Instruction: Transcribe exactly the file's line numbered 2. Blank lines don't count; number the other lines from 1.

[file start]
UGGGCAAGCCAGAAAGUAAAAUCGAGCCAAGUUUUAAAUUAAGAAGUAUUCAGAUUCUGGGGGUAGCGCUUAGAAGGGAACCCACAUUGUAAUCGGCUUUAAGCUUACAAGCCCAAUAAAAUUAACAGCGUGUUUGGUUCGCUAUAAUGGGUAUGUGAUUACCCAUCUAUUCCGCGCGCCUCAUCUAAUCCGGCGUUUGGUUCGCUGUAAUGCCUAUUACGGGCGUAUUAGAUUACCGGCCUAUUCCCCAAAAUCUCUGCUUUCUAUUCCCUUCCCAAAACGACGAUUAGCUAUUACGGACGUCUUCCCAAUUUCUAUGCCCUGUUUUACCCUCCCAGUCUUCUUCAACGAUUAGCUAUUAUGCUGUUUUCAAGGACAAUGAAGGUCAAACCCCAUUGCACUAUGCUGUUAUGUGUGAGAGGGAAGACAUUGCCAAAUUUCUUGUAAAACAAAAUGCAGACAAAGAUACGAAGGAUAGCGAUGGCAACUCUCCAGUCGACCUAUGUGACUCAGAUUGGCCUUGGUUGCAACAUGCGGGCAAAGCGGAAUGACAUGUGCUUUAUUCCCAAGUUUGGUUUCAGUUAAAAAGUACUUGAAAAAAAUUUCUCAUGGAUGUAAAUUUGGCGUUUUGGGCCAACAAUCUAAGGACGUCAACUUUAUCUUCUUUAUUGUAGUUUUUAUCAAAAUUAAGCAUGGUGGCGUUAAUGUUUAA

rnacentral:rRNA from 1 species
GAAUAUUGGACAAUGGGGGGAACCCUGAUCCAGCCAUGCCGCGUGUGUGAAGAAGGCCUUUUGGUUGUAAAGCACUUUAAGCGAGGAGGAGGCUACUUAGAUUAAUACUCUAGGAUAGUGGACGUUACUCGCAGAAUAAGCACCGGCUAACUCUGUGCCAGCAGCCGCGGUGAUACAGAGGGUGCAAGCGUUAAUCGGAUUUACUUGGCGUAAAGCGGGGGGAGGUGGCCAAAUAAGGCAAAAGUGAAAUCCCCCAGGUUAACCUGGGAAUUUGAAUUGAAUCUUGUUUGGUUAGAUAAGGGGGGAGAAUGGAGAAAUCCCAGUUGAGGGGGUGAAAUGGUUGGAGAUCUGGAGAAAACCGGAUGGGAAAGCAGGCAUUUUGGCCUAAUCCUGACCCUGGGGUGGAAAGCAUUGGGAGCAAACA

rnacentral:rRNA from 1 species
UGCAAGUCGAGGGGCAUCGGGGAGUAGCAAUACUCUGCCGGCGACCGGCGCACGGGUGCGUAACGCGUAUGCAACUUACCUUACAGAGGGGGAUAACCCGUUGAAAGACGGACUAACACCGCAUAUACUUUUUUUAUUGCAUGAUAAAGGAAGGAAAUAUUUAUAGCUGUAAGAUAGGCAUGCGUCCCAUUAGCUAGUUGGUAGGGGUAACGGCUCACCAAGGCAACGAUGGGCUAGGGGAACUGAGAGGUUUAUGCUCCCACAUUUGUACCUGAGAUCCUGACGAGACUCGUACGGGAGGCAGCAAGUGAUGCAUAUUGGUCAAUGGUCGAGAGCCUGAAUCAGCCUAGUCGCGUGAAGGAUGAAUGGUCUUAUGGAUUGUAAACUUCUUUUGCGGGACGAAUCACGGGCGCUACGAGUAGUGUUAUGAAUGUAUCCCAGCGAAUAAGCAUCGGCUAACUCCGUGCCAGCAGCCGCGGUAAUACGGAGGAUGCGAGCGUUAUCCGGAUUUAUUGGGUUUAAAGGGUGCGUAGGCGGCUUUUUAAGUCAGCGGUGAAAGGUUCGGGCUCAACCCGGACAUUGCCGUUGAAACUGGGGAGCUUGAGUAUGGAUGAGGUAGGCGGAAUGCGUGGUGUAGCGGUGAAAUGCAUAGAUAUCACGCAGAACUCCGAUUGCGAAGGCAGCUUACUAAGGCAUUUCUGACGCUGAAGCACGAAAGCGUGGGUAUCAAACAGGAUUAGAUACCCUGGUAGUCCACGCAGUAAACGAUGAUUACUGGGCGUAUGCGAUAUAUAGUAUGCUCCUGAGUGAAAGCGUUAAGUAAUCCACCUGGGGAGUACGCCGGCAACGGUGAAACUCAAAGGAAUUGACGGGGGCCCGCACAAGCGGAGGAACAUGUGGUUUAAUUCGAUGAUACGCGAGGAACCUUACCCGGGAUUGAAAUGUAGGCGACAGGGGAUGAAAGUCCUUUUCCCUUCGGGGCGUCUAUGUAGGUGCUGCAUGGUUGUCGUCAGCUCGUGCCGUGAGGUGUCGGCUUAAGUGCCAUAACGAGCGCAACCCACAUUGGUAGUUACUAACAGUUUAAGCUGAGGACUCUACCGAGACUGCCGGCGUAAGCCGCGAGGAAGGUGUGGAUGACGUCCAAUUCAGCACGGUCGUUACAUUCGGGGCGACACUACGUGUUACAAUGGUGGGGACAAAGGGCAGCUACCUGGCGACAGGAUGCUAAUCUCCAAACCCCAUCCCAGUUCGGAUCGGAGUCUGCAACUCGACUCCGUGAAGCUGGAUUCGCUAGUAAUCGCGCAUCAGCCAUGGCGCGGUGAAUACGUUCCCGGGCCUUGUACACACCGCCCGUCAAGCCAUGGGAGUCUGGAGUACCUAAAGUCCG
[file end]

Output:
rnacentral:rRNA from 1 species